Why am I in a hospital room? I hurt like hell, but a nurse? Tubes in my arm? Everything is fuzzy. What do I remember?

Ready for work as usual; oh hell. Big fight before I left, bitchin’ at me for drinking again. Great start to the day. Work was usual except for the phone calls; three if I remember correctly. All still complaining about the night before.

Met Tim and Rick at the sports bar after work, damn sure was not going home after being yelled at all day. She needs to give it a rest, I don’t drink that much. Watched most of the game, had a few beers, headed home. Nothing unusual there except that I stopped answering the calls. We would talk when I got home.

Then she started texting; she knows I hate that. Most of them I ignored, finally could not stand it anymore. I texted her that I would be home in a minute, looked up at the road…..

Dog, swerve, tree. Damn. That is the last thing I remember. How bad am I hurt? I seem to ache all over, but nothing seems to be moving when i want it to. Wait a minute.

Why isn’t she here?

Day Services Unit waiting room

Image via Wikipedia

Written for the Flashy Fiction prompt of ‘one thing leads to another.’

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Blood in the Snow

We rode the fence at least once a week in the summer. When the heavy snows came it was more like every other week. Breaks were not uncommon; usually it was a stray deer or other wild animal not quite clearing the top strand of barbed wire. Occasionally a post would fall from either the rot of age or the weight of snow.

This was different. The ground on both sides of the fence was tore up more than usual. A lot of mud mixed with the snow. Both of the top rows of wire were sagging, more like they had been fallen on than catching something jumping over.

There was more blood than usual too. A few spots trailing off we were used to. This looked more like someone had a paintbrush dipped in red and flicked it overhand out towards the field. A splattered trail leaving holes burned into the snow.

What we found in the barbs was wrong too. The usual tufts of fur we would find were not there. Instead we found strips of clothing hanging from the fence, dancing on the bitter February wind like the tattered robes of a ghost.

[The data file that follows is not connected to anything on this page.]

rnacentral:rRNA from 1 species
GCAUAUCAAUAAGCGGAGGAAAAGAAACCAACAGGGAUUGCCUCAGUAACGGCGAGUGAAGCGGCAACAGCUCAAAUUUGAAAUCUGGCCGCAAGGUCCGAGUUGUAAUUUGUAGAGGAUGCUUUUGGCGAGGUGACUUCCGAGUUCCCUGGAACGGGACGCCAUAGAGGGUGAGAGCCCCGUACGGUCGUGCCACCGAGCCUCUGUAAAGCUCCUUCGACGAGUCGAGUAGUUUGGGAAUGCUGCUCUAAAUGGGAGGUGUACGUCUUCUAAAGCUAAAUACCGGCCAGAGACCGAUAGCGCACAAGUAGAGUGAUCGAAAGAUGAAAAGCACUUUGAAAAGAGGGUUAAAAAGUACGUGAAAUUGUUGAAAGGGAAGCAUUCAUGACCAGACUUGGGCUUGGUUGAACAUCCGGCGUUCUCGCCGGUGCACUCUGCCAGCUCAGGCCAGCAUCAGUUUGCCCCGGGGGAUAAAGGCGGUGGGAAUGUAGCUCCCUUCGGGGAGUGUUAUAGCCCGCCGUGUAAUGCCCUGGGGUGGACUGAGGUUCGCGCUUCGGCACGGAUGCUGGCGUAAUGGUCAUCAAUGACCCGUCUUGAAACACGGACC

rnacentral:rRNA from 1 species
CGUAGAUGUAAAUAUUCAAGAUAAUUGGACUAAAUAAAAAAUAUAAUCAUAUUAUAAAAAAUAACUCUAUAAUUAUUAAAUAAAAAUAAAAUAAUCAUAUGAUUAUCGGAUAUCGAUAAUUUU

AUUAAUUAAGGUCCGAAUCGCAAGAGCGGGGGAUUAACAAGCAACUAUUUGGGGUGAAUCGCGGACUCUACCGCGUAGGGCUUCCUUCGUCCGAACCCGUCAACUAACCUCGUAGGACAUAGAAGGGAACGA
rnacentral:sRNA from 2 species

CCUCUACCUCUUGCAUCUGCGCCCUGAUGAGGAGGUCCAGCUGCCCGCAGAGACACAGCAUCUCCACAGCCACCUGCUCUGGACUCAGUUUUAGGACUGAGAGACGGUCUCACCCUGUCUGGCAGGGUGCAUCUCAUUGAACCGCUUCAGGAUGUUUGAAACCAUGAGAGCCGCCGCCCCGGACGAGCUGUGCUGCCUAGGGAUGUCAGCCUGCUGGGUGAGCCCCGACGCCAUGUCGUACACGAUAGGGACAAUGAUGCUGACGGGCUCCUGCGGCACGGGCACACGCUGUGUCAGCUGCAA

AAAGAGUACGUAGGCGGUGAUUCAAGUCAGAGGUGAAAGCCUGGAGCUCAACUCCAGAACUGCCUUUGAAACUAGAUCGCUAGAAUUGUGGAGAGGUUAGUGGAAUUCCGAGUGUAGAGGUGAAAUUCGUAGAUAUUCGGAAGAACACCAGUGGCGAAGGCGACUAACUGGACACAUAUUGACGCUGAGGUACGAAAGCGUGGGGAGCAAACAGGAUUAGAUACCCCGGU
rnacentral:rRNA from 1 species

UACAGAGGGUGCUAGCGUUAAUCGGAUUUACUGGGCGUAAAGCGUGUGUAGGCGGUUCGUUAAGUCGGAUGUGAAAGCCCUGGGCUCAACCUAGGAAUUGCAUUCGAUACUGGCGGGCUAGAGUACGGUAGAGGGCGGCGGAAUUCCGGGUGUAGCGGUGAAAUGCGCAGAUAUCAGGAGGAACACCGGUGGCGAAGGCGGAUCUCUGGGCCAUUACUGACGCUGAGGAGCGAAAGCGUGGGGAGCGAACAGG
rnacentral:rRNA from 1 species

We were a long way from anywhere. The falling snow was beginning to hide the footprints and cover the blood.

Witten for the Flashy Fiction photo prompt.

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The One

The prompt at Flashy Fiction was to write a piece based on the first line of Breakfast at Tiffany’s. “I am always drawn back to the places where I have lived, the houses and their neighborhoods.” 

“So who would it be?”

I crushed out my cigarette and took another sip from my beer before glancing sideways at him. “Really, have we sunk so far as to be reduced to these juvenile pursuits?”

“What do you want? We are sitting in a bar on Sunday afternoon, football is over, baseball has not started yet, it is raining and cold outside and neither of us have a girl to go home to. What else are we going to talk about?” He waived his empty at the bartender and held up two fingers. Guess we are staying for a while.

“Yeah, pathetic aren’t we? All right, what the hell. If I could go back and find one girl that got away….? It would have to be Holly from Houston.” I exchanged my empty for a full and lit another cigarette.

“Seriously, sounds like a porn star.”

“No, not this girl. She had way too much class for that. Sophisticated, you know. Read a lot, quoted old movies all the time. She lived three doors down from us in high school for about two years; we talked some waiting for the bus, but never much more than that. She was hot, but I always thought she was a little odd.”

“Odd? How?”

“Well, she always dressed too nice for one thing. Never saw her in cut offs or an old t-shirt. Always a dress, nice shoes, that kind of thing. I finally figured it out right before they moved. I went over to their house with my folks one Saturday night. She was in the basement watching Breakfast at Tiffany’s; sitting on the edge of the couch and hardly breathing. I stood in the door and watched for about thirty minutes. I figured out pretty quick that she was into the movie. I am not talking about ‘she liked the movie’, I mean she knew it by heart. It also hit me how much she looked and acted and talked like the girl in the movie; she wanted to be THAT Holly. Now I think of her every time I see Audrey Hepburn. A sophisticated girl like that would have been good for me.”

“Audrey who?”

“Oh for the love of….. We have seriously got to spend some time in a library or something. Check please!”